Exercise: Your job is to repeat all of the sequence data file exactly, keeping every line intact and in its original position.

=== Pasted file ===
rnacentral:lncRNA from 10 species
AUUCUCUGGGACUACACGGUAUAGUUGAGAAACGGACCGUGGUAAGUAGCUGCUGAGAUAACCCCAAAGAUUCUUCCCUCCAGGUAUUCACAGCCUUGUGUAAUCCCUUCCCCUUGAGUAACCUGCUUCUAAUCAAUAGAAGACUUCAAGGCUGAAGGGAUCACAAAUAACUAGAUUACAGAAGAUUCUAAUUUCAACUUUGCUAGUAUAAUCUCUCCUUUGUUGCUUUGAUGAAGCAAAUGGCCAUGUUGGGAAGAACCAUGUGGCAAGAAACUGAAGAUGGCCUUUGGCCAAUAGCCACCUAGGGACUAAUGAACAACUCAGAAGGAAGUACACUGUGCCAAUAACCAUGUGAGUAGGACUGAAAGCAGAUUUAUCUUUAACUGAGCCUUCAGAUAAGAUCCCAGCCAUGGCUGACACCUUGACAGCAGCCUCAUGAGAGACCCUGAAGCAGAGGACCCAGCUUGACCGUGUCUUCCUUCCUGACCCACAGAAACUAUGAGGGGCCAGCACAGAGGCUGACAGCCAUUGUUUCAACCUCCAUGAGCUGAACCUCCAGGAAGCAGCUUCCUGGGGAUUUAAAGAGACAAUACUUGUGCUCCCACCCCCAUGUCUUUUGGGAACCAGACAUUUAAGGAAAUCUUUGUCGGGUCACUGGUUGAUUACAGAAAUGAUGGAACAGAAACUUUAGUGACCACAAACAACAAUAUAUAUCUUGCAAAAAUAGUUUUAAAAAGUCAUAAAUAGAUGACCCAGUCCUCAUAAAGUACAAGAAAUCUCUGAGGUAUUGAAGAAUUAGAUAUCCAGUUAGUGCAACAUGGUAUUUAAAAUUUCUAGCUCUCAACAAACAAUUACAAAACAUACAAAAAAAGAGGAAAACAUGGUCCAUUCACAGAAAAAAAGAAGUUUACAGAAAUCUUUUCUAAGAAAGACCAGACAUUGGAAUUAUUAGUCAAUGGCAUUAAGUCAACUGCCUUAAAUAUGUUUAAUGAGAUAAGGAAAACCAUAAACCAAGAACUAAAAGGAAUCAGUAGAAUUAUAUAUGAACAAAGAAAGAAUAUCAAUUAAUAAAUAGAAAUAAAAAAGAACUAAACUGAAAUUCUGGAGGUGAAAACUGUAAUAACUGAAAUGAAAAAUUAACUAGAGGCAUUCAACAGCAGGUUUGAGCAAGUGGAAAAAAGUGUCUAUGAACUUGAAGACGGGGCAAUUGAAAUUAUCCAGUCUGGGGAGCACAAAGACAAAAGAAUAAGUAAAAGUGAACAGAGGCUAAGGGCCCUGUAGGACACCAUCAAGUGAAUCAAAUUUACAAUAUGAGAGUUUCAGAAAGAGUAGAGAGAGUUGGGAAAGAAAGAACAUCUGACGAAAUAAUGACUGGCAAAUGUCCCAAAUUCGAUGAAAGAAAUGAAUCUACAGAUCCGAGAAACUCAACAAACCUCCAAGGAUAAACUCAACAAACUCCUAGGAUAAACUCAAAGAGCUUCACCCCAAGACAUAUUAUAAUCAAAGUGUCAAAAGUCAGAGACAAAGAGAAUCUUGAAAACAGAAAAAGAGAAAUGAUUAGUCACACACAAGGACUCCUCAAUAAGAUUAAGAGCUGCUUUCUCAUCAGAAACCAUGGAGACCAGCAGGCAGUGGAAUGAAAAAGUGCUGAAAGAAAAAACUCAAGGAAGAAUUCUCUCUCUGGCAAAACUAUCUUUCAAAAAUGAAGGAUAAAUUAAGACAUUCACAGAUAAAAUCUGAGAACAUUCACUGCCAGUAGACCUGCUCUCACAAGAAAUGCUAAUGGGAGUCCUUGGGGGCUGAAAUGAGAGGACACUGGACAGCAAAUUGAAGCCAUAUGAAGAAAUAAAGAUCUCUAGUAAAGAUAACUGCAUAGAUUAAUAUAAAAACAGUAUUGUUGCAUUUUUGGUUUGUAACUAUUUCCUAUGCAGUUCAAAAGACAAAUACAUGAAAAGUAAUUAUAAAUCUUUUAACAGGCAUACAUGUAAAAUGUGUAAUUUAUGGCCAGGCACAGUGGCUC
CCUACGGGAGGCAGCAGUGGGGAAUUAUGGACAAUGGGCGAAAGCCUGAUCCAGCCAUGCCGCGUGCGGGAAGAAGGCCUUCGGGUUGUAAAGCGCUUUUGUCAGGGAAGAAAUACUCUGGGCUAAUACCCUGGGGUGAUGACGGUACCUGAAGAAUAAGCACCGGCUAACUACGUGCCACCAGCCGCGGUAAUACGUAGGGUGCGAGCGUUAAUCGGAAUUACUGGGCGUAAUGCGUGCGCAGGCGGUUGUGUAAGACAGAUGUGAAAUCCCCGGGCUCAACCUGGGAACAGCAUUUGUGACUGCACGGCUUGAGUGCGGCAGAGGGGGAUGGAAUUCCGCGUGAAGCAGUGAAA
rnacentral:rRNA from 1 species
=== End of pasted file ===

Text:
rnacentral:lncRNA from 10 species
AUUCUCUGGGACUACACGGUAUAGUUGAGAAACGGACCGUGGUAAGUAGCUGCUGAGAUAACCCCAAAGAUUCUUCCCUCCAGGUAUUCACAGCCUUGUGUAAUCCCUUCCCCUUGAGUAACCUGCUUCUAAUCAAUAGAAGACUUCAAGGCUGAAGGGAUCACAAAUAACUAGAUUACAGAAGAUUCUAAUUUCAACUUUGCUAGUAUAAUCUCUCCUUUGUUGCUUUGAUGAAGCAAAUGGCCAUGUUGGGAAGAACCAUGUGGCAAGAAACUGAAGAUGGCCUUUGGCCAAUAGCCACCUAGGGACUAAUGAACAACUCAGAAGGAAGUACACUGUGCCAAUAACCAUGUGAGUAGGACUGAAAGCAGAUUUAUCUUUAACUGAGCCUUCAGAUAAGAUCCCAGCCAUGGCUGACACCUUGACAGCAGCCUCAUGAGAGACCCUGAAGCAGAGGACCCAGCUUGACCGUGUCUUCCUUCCUGACCCACAGAAACUAUGAGGGGCCAGCACAGAGGCUGACAGCCAUUGUUUCAACCUCCAUGAGCUGAACCUCCAGGAAGCAGCUUCCUGGGGAUUUAAAGAGACAAUACUUGUGCUCCCACCCCCAUGUCUUUUGGGAACCAGACAUUUAAGGAAAUCUUUGUCGGGUCACUGGUUGAUUACAGAAAUGAUGGAACAGAAACUUUAGUGACCACAAACAACAAUAUAUAUCUUGCAAAAAUAGUUUUAAAAAGUCAUAAAUAGAUGACCCAGUCCUCAUAAAGUACAAGAAAUCUCUGAGGUAUUGAAGAAUUAGAUAUCCAGUUAGUGCAACAUGGUAUUUAAAAUUUCUAGCUCUCAACAAACAAUUACAAAACAUACAAAAAAAGAGGAAAACAUGGUCCAUUCACAGAAAAAAAGAAGUUUACAGAAAUCUUUUCUAAGAAAGACCAGACAUUGGAAUUAUUAGUCAAUGGCAUUAAGUCAACUGCCUUAAAUAUGUUUAAUGAGAUAAGGAAAACCAUAAACCAAGAACUAAAAGGAAUCAGUAGAAUUAUAUAUGAACAAAGAAAGAAUAUCAAUUAAUAAAUAGAAAUAAAAAAGAACUAAACUGAAAUUCUGGAGGUGAAAACUGUAAUAACUGAAAUGAAAAAUUAACUAGAGGCAUUCAACAGCAGGUUUGAGCAAGUGGAAAAAAGUGUCUAUGAACUUGAAGACGGGGCAAUUGAAAUUAUCCAGUCUGGGGAGCACAAAGACAAAAGAAUAAGUAAAAGUGAACAGAGGCUAAGGGCCCUGUAGGACACCAUCAAGUGAAUCAAAUUUACAAUAUGAGAGUUUCAGAAAGAGUAGAGAGAGUUGGGAAAGAAAGAACAUCUGACGAAAUAAUGACUGGCAAAUGUCCCAAAUUCGAUGAAAGAAAUGAAUCUACAGAUCCGAGAAACUCAACAAACCUCCAAGGAUAAACUCAACAAACUCCUAGGAUAAACUCAAAGAGCUUCACCCCAAGACAUAUUAUAAUCAAAGUGUCAAAAGUCAGAGACAAAGAGAAUCUUGAAAACAGAAAAAGAGAAAUGAUUAGUCACACACAAGGACUCCUCAAUAAGAUUAAGAGCUGCUUUCUCAUCAGAAACCAUGGAGACCAGCAGGCAGUGGAAUGAAAAAGUGCUGAAAGAAAAAACUCAAGGAAGAAUUCUCUCUCUGGCAAAACUAUCUUUCAAAAAUGAAGGAUAAAUUAAGACAUUCACAGAUAAAAUCUGAGAACAUUCACUGCCAGUAGACCUGCUCUCACAAGAAAUGCUAAUGGGAGUCCUUGGGGGCUGAAAUGAGAGGACACUGGACAGCAAAUUGAAGCCAUAUGAAGAAAUAAAGAUCUCUAGUAAAGAUAACUGCAUAGAUUAAUAUAAAAACAGUAUUGUUGCAUUUUUGGUUUGUAACUAUUUCCUAUGCAGUUCAAAAGACAAAUACAUGAAAAGUAAUUAUAAAUCUUUUAACAGGCAUACAUGUAAAAUGUGUAAUUUAUGGCCAGGCACAGUGGCUC
CCUACGGGAGGCAGCAGUGGGGAAUUAUGGACAAUGGGCGAAAGCCUGAUCCAGCCAUGCCGCGUGCGGGAAGAAGGCCUUCGGGUUGUAAAGCGCUUUUGUCAGGGAAGAAAUACUCUGGGCUAAUACCCUGGGGUGAUGACGGUACCUGAAGAAUAAGCACCGGCUAACUACGUGCCACCAGCCGCGGUAAUACGUAGGGUGCGAGCGUUAAUCGGAAUUACUGGGCGUAAUGCGUGCGCAGGCGGUUGUGUAAGACAGAUGUGAAAUCCCCGGGCUCAACCUGGGAACAGCAUUUGUGACUGCACGGCUUGAGUGCGGCAGAGGGGGAUGGAAUUCCGCGUGAAGCAGUGAAA
rnacentral:rRNA from 1 species